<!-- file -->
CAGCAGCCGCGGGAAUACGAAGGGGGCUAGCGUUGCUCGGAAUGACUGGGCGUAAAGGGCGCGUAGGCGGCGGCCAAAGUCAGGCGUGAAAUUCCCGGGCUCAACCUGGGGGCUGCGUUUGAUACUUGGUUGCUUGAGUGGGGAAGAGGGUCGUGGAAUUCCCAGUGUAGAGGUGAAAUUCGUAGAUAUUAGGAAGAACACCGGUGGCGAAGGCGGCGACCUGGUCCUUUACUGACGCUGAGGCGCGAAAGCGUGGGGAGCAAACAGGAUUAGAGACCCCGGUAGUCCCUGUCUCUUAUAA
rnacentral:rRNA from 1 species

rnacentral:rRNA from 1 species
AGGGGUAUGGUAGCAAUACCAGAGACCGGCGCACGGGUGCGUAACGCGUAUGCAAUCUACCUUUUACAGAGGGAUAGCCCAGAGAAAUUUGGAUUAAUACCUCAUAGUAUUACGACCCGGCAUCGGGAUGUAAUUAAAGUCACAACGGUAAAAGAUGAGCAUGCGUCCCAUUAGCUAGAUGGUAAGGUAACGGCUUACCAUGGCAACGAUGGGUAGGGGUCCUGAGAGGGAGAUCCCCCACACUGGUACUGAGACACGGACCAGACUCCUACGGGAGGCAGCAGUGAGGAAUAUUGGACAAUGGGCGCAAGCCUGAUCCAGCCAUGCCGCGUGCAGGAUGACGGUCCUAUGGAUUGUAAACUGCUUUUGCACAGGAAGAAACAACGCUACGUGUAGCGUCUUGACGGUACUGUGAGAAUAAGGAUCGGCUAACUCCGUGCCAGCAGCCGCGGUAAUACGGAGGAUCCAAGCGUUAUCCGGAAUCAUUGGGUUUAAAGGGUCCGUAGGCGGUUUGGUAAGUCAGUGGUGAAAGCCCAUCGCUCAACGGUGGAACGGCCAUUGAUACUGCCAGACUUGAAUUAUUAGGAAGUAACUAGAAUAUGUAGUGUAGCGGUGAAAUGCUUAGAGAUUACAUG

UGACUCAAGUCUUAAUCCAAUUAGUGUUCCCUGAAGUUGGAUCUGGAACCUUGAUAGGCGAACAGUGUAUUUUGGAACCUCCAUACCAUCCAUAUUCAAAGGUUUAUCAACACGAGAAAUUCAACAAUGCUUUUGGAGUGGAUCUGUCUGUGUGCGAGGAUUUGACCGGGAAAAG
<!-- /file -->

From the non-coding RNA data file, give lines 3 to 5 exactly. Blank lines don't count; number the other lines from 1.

rnacentral:rRNA from 1 species
AGGGGUAUGGUAGCAAUACCAGAGACCGGCGCACGGGUGCGUAACGCGUAUGCAAUCUACCUUUUACAGAGGGAUAGCCCAGAGAAAUUUGGAUUAAUACCUCAUAGUAUUACGACCCGGCAUCGGGAUGUAAUUAAAGUCACAACGGUAAAAGAUGAGCAUGCGUCCCAUUAGCUAGAUGGUAAGGUAACGGCUUACCAUGGCAACGAUGGGUAGGGGUCCUGAGAGGGAGAUCCCCCACACUGGUACUGAGACACGGACCAGACUCCUACGGGAGGCAGCAGUGAGGAAUAUUGGACAAUGGGCGCAAGCCUGAUCCAGCCAUGCCGCGUGCAGGAUGACGGUCCUAUGGAUUGUAAACUGCUUUUGCACAGGAAGAAACAACGCUACGUGUAGCGUCUUGACGGUACUGUGAGAAUAAGGAUCGGCUAACUCCGUGCCAGCAGCCGCGGUAAUACGGAGGAUCCAAGCGUUAUCCGGAAUCAUUGGGUUUAAAGGGUCCGUAGGCGGUUUGGUAAGUCAGUGGUGAAAGCCCAUCGCUCAACGGUGGAACGGCCAUUGAUACUGCCAGACUUGAAUUAUUAGGAAGUAACUAGAAUAUGUAGUGUAGCGGUGAAAUGCUUAGAGAUUACAUG

UGACUCAAGUCUUAAUCCAAUUAGUGUUCCCUGAAGUUGGAUCUGGAACCUUGAUAGGCGAACAGUGUAUUUUGGAACCUCCAUACCAUCCAUAUUCAAAGGUUUAUCAACACGAGAAAUUCAACAAUGCUUUUGGAGUGGAUCUGUCUGUGUGCGAGGAUUUGACCGGGAAAAG